Minister of Trade and Investment, Mr. Olusegun Aganga
The Federal Ministry of Trade and Investment has called on Dangote Cement Plc and Ibeto Cement Company Limited to sheathe their swords over the control of cement in the country, just as it unfolded plans to review the Backward Integration Policy (BIP) in the sector, in order to consolidate on the success recorded so far.
Minister of Trade and Investment, Mr. Olusegun Aganga, who advised the parties yesterday during a meeting with the two firms and other stakeholders in the cement industry, said: “A new cement policy would be unveiled soon.”
THISDAY had Monday exclusively reported that the minister had convened the meeting Monday to resolve the hostilities, which had been festering between Dangote Cement and Ibeto Cement since last month.
Dangote Cement and French multinational, Lafarge, had teamed up to take on Ibeto Cement, an importer of bulk cement.
Dangote and Lafarge had accused Ibeto Cement of causing a crippling cement glut, which had led to the closure of the Gboko plant, a subsidiary of Dangote Cement, and might force both firms to lay off workers.
But Ibeto Cement had vehemently dismissed the claim, accusing them of being economical with the truth and insisted that the company’s five per cent share of the market could not have induced a glut.
It maintained that a glut would have resulted in a fall in the price of cement, which has not happened, and accused Dangote Cement of deploying a deceptive strategy to chase Ibeto Cement out of the cement market in a bid to strengthen its stranglehold on the market in all the regions of the country.
On the contentious issues between Dangote and Ibeto, THISDAY learnt that Aganga secured the agreement of both parties to cease all hostilities against each other and work with government to move the industry forward instead.
In attendance at the meeting were the Managing Director/Chief Executive Officer, Lafarge Cement WAPCO Nigeria Plc, Mr. Joseph Hudson; Chairman, BUA Group, Alhaji Abdulsamad Rabiu; Group Managing Director, Flour Mills of Nigeria Plc, Chief Emmanuel Ukpabi; Chairman, Ibeto Group, Chief Cletus Ibeto; and Group Representative, Dangote Industries Limited, Mr. Isa Tata Yusuf.
Also, in a statement on the meeting issued by the minister's Special Adviser, Media, Mrs. Yemi Kolapo, the minister said it was the intention of his ministry to review the BIP so as to consolidate on the gains in the industry.
“We have achieved everything we set for ourselves 10 years ago when the BIP was introduced and we want to thank all stakeholders and investors in the sector for the success story recorded so far.
“However, we want to take the next step as part of our strategy on the way forward. We are forming a group of people that will look at the cement policy in detail and come up with a policy response that we need to have in place to take that next step that will make us a major exporter and user of cement in terms of consumption," the statement said.
He noted that in 2002, the major priority of the country’s backward integration policy was about cement production from limestone, but expressed delight that 10 years after the implementation of the policy, “the good news is that we started with 2 million tonnes capacity but today we have about 28 million tonnes capacity of cement from investment of about $6 billion.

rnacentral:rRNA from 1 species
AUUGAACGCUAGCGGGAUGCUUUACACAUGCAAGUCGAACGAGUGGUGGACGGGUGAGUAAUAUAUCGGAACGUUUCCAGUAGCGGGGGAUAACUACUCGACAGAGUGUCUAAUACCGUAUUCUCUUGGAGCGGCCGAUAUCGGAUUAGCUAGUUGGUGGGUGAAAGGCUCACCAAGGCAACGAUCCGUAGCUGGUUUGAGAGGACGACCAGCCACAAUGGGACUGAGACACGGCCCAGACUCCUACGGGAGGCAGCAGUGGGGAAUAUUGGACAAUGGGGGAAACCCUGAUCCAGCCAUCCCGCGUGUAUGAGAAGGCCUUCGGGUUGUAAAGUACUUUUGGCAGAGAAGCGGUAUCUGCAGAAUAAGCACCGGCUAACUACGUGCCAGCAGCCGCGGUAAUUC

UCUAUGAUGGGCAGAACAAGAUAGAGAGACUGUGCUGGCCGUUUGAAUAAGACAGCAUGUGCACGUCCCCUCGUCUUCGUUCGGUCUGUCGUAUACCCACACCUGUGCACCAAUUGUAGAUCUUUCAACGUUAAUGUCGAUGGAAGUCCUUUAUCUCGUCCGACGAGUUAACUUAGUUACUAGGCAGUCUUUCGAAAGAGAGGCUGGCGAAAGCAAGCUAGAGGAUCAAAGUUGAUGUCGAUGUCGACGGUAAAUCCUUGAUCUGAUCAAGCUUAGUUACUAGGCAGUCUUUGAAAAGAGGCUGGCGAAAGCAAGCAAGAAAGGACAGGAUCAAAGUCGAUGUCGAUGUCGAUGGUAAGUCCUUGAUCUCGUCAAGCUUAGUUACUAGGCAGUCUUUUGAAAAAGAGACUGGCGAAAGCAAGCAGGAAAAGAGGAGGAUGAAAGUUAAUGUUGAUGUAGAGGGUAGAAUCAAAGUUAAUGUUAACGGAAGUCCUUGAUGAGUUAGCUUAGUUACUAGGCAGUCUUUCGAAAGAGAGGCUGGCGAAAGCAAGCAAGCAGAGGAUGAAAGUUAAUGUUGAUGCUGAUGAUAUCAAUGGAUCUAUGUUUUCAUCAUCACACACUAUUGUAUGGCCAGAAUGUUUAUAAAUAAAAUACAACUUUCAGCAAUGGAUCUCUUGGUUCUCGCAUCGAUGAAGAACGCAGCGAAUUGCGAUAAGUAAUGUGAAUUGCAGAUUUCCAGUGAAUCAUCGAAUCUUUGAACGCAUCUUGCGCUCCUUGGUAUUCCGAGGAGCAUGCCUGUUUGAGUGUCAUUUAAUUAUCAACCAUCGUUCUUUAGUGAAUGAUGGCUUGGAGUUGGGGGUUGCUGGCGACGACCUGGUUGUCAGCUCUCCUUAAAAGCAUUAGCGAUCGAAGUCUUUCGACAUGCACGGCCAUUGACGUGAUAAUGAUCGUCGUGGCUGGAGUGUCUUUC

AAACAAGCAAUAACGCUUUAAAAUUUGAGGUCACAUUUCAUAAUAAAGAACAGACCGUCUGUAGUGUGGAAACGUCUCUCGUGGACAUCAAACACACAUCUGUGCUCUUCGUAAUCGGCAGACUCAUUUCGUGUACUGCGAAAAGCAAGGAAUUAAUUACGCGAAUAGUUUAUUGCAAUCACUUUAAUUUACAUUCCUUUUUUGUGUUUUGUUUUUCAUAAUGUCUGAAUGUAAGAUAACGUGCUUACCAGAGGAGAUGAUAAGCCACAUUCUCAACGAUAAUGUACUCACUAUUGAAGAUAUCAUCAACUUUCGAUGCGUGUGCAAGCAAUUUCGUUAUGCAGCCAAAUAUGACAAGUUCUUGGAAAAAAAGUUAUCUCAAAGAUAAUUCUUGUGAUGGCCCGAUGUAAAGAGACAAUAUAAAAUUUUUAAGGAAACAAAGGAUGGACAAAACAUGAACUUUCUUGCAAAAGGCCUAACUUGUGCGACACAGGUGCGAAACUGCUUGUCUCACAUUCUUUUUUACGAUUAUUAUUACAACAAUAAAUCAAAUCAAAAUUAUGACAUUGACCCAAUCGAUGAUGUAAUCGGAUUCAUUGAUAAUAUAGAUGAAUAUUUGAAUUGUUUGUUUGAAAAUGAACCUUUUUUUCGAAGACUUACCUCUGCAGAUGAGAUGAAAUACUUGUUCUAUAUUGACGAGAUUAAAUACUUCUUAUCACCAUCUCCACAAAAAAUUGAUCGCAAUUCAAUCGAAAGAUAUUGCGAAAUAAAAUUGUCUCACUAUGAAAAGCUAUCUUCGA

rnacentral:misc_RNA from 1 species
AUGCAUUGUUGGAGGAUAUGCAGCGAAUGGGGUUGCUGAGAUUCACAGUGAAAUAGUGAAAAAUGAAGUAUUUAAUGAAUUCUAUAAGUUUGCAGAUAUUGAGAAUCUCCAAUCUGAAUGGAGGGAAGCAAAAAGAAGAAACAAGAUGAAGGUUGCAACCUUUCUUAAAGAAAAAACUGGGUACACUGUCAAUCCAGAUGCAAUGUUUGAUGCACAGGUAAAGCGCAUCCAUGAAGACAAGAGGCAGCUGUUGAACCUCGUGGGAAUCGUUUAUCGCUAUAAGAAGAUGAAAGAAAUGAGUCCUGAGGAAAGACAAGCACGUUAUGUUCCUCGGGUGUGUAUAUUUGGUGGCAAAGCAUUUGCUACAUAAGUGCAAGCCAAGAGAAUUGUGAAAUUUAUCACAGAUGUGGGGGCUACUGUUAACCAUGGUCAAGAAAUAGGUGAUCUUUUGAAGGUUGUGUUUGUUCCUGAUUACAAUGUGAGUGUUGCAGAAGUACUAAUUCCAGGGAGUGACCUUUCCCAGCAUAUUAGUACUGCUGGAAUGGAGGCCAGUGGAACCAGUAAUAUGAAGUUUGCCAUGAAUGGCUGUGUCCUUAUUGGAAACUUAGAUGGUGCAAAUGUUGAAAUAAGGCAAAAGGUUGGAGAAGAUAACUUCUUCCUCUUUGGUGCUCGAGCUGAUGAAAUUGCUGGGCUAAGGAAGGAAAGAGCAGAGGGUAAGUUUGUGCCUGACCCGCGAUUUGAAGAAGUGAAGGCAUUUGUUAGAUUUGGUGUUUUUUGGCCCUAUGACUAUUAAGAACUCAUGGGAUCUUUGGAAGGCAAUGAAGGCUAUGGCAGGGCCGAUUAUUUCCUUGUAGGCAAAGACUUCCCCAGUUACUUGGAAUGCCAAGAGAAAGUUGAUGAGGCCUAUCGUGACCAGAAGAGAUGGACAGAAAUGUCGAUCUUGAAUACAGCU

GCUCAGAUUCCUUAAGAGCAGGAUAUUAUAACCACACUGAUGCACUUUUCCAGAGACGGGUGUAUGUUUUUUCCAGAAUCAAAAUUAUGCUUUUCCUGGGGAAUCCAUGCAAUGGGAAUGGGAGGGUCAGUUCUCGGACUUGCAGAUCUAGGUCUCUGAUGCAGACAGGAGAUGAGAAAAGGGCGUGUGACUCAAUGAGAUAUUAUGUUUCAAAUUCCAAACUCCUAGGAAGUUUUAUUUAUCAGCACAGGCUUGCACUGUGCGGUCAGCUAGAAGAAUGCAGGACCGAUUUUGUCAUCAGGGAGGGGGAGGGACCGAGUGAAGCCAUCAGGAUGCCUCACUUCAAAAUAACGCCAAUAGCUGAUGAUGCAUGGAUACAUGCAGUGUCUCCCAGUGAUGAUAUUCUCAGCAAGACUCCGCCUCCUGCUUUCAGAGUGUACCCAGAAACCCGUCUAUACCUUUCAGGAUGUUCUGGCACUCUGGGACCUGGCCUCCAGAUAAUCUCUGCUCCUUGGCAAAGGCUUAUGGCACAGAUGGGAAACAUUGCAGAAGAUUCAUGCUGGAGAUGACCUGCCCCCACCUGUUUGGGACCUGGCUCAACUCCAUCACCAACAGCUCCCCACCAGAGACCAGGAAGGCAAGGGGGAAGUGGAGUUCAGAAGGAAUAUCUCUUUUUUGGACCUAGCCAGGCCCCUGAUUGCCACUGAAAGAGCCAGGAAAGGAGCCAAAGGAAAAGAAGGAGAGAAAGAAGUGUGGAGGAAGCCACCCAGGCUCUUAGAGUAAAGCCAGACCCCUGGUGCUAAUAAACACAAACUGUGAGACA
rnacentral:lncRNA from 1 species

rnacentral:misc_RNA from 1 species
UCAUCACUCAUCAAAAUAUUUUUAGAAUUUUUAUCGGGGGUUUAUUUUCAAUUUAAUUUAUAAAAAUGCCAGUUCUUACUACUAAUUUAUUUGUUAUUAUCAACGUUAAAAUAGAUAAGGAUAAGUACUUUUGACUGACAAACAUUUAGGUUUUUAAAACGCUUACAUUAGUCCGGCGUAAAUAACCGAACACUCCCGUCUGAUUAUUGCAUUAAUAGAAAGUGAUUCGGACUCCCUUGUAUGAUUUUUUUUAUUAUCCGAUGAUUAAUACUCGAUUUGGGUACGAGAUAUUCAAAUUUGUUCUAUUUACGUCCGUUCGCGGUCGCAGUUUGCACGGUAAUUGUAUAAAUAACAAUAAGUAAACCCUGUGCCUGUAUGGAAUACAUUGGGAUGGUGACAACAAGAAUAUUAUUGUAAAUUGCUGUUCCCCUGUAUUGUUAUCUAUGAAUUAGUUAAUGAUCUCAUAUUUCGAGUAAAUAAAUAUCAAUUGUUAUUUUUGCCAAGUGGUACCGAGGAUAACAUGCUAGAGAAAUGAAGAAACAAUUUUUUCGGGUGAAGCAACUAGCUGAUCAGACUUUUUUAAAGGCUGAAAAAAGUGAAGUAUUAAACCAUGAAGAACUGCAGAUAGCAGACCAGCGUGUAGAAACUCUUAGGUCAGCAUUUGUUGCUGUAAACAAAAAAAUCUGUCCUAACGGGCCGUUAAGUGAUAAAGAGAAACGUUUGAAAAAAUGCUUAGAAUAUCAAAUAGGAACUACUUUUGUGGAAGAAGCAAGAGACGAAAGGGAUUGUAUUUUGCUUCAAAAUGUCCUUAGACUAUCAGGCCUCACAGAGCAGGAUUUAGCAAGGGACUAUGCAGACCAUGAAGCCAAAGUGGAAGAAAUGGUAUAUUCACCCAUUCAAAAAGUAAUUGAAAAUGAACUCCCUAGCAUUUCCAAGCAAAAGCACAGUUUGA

“This provides direct and indirect employment for about 2 million people. And because of what we have done together, we have been able to save the country foreign exchange of about N210 billion per year.
“For the first time ever, this ministry did not issue any import licence in 2012. This is a remarkable achievement and a major economic success for our country.”
Aganga, however, said that his ministry intends to carry out a review of the cement sector to ensure that it is more competitive not just locally but internationally because it is at a point where the country should be thinking about exporting cement.
“This means that we need to look at the overall structure including the current pricing, availability, affordability, in addition to developing an export strategy for the sector,” he said.
Also speaking on the outcome of the meeting, Hudson commended the Federal Government for keeping faith with the implementation of the BIP in the cement industry and pledged that cement manufacturers would partner the government to grow the sector.
Lafarge, in a statement, further added that it remained active in operation in the country and has no intention of shutting down its plants.
The company, regarded as the largest cement producer in the world, admitted that it temporarily reduced its production recently to manage inventory levels, but had no intention of closing its plants and expected to be fully operational soon.
“Indeed it is true that the last quarter of 2012 saw an unusually dull market evidenced by an industry-wide situation where current stock levels of cement and clinker are high.”
Despite the lull in the market, the company said its plants were not being closed and it remained committed to sustainable business tenets such as customer orientation, innovation, people development, social investment, strong financial discipline, corporate governance, health and safety, which have kept it in business for the past 52 years and will take it through the long haul.